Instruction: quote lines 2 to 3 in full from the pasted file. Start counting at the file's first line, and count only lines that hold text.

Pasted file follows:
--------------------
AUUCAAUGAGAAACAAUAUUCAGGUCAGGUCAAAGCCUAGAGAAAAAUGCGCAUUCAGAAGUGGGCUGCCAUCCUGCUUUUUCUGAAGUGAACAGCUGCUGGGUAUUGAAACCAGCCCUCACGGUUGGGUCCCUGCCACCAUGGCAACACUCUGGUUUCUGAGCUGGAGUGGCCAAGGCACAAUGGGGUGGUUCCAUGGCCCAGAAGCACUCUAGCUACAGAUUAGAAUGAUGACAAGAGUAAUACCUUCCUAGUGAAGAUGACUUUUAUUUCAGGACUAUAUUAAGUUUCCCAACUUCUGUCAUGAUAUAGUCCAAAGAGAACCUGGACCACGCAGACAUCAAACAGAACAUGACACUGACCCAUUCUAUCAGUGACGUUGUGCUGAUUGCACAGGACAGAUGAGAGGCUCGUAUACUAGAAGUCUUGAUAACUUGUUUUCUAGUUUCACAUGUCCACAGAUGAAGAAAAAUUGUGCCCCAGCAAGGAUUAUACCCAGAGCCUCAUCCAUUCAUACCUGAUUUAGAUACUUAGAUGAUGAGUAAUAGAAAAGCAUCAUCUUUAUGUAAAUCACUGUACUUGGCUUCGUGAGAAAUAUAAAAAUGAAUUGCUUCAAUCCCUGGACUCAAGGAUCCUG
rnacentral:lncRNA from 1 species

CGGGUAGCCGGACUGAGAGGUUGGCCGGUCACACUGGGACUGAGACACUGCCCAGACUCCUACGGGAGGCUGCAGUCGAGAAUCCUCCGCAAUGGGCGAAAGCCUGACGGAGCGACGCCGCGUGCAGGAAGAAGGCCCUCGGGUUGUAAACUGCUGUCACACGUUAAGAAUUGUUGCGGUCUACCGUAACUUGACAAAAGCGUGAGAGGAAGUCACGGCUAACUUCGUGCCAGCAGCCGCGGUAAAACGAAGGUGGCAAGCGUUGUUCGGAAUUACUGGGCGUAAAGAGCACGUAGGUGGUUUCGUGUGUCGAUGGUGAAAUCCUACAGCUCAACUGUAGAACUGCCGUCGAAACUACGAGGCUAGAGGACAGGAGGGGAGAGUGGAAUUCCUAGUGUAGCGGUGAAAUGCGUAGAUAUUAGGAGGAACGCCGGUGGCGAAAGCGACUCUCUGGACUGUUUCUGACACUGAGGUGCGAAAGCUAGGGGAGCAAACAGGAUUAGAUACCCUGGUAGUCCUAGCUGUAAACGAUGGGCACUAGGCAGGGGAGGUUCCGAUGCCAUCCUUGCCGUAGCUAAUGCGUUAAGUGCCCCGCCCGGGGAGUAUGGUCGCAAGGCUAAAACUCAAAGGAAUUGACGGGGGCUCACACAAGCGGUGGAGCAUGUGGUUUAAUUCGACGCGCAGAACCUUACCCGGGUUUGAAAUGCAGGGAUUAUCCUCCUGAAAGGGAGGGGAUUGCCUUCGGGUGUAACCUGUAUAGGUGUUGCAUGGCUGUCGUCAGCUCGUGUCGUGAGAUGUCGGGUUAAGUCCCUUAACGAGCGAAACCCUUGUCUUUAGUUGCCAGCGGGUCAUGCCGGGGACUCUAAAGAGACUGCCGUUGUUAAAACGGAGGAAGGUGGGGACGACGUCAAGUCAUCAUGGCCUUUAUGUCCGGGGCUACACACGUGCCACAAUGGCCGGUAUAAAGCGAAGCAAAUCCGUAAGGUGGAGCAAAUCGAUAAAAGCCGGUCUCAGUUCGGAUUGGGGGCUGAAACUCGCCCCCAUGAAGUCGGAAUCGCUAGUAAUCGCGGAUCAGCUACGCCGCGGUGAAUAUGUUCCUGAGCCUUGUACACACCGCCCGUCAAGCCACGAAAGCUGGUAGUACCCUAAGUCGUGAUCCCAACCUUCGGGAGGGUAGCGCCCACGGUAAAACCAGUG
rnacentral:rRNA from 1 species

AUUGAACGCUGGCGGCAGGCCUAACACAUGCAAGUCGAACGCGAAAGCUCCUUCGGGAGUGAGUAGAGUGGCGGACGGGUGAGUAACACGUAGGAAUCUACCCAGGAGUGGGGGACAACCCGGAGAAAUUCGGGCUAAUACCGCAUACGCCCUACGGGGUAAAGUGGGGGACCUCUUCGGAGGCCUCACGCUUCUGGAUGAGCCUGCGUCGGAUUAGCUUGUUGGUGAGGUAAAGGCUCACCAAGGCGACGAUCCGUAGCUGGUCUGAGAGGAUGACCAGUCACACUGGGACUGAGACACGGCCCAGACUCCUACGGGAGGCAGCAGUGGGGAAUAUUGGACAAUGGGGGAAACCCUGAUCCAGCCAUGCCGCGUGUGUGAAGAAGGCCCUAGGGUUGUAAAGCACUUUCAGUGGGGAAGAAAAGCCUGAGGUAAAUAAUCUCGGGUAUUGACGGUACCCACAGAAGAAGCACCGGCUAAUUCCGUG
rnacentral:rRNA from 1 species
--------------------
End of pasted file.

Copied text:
rnacentral:lncRNA from 1 species

CGGGUAGCCGGACUGAGAGGUUGGCCGGUCACACUGGGACUGAGACACUGCCCAGACUCCUACGGGAGGCUGCAGUCGAGAAUCCUCCGCAAUGGGCGAAAGCCUGACGGAGCGACGCCGCGUGCAGGAAGAAGGCCCUCGGGUUGUAAACUGCUGUCACACGUUAAGAAUUGUUGCGGUCUACCGUAACUUGACAAAAGCGUGAGAGGAAGUCACGGCUAACUUCGUGCCAGCAGCCGCGGUAAAACGAAGGUGGCAAGCGUUGUUCGGAAUUACUGGGCGUAAAGAGCACGUAGGUGGUUUCGUGUGUCGAUGGUGAAAUCCUACAGCUCAACUGUAGAACUGCCGUCGAAACUACGAGGCUAGAGGACAGGAGGGGAGAGUGGAAUUCCUAGUGUAGCGGUGAAAUGCGUAGAUAUUAGGAGGAACGCCGGUGGCGAAAGCGACUCUCUGGACUGUUUCUGACACUGAGGUGCGAAAGCUAGGGGAGCAAACAGGAUUAGAUACCCUGGUAGUCCUAGCUGUAAACGAUGGGCACUAGGCAGGGGAGGUUCCGAUGCCAUCCUUGCCGUAGCUAAUGCGUUAAGUGCCCCGCCCGGGGAGUAUGGUCGCAAGGCUAAAACUCAAAGGAAUUGACGGGGGCUCACACAAGCGGUGGAGCAUGUGGUUUAAUUCGACGCGCAGAACCUUACCCGGGUUUGAAAUGCAGGGAUUAUCCUCCUGAAAGGGAGGGGAUUGCCUUCGGGUGUAACCUGUAUAGGUGUUGCAUGGCUGUCGUCAGCUCGUGUCGUGAGAUGUCGGGUUAAGUCCCUUAACGAGCGAAACCCUUGUCUUUAGUUGCCAGCGGGUCAUGCCGGGGACUCUAAAGAGACUGCCGUUGUUAAAACGGAGGAAGGUGGGGACGACGUCAAGUCAUCAUGGCCUUUAUGUCCGGGGCUACACACGUGCCACAAUGGCCGGUAUAAAGCGAAGCAAAUCCGUAAGGUGGAGCAAAUCGAUAAAAGCCGGUCUCAGUUCGGAUUGGGGGCUGAAACUCGCCCCCAUGAAGUCGGAAUCGCUAGUAAUCGCGGAUCAGCUACGCCGCGGUGAAUAUGUUCCUGAGCCUUGUACACACCGCCCGUCAAGCCACGAAAGCUGGUAGUACCCUAAGUCGUGAUCCCAACCUUCGGGAGGGUAGCGCCCACGGUAAAACCAGUG